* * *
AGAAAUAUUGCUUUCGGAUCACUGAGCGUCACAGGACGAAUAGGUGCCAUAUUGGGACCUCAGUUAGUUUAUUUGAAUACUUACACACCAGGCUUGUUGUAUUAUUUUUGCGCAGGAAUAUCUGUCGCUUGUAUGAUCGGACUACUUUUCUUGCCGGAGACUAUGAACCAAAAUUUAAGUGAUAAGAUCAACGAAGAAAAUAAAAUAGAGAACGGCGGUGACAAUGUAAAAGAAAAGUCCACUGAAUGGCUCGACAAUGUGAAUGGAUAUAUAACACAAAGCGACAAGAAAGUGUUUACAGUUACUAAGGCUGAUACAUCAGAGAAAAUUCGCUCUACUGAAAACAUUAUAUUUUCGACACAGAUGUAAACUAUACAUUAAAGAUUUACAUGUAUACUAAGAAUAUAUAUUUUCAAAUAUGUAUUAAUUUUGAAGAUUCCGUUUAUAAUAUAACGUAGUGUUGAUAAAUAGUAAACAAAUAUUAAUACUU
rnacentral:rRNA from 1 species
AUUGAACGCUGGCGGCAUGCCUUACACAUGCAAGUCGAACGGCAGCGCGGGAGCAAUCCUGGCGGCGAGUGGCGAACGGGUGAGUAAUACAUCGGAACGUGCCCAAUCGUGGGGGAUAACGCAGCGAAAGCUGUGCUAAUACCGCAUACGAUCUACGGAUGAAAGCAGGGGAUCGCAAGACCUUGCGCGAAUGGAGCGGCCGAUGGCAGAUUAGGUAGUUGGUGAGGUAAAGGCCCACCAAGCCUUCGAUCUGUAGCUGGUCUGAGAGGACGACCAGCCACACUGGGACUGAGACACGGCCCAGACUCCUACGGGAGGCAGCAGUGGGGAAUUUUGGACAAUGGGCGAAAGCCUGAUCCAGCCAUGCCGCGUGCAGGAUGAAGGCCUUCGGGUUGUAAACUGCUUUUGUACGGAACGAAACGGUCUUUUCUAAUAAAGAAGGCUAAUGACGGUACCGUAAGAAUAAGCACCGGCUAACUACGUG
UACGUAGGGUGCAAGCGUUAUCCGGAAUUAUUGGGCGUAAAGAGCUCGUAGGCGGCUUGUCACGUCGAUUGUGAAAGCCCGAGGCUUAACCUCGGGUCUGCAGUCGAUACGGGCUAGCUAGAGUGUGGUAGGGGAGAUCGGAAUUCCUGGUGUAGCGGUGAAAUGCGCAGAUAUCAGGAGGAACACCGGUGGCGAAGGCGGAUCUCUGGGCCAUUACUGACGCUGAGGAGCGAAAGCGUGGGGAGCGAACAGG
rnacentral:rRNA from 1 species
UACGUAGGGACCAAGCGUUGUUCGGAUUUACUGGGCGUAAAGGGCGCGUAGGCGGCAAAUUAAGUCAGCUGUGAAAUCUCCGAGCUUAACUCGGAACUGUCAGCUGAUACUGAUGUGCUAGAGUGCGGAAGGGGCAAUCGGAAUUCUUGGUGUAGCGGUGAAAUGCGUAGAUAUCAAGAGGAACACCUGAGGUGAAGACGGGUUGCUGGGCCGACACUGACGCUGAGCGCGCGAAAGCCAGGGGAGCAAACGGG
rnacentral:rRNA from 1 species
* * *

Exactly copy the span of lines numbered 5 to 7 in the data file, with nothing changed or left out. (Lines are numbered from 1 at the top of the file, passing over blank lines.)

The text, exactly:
rnacentral:rRNA from 1 species
UACGUAGGGACCAAGCGUUGUUCGGAUUUACUGGGCGUAAAGGGCGCGUAGGCGGCAAAUUAAGUCAGCUGUGAAAUCUCCGAGCUUAACUCGGAACUGUCAGCUGAUACUGAUGUGCUAGAGUGCGGAAGGGGCAAUCGGAAUUCUUGGUGUAGCGGUGAAAUGCGUAGAUAUCAAGAGGAACACCUGAGGUGAAGACGGGUUGCUGGGCCGACACUGACGCUGAGCGCGCGAAAGCCAGGGGAGCAAACGGG
rnacentral:rRNA from 1 species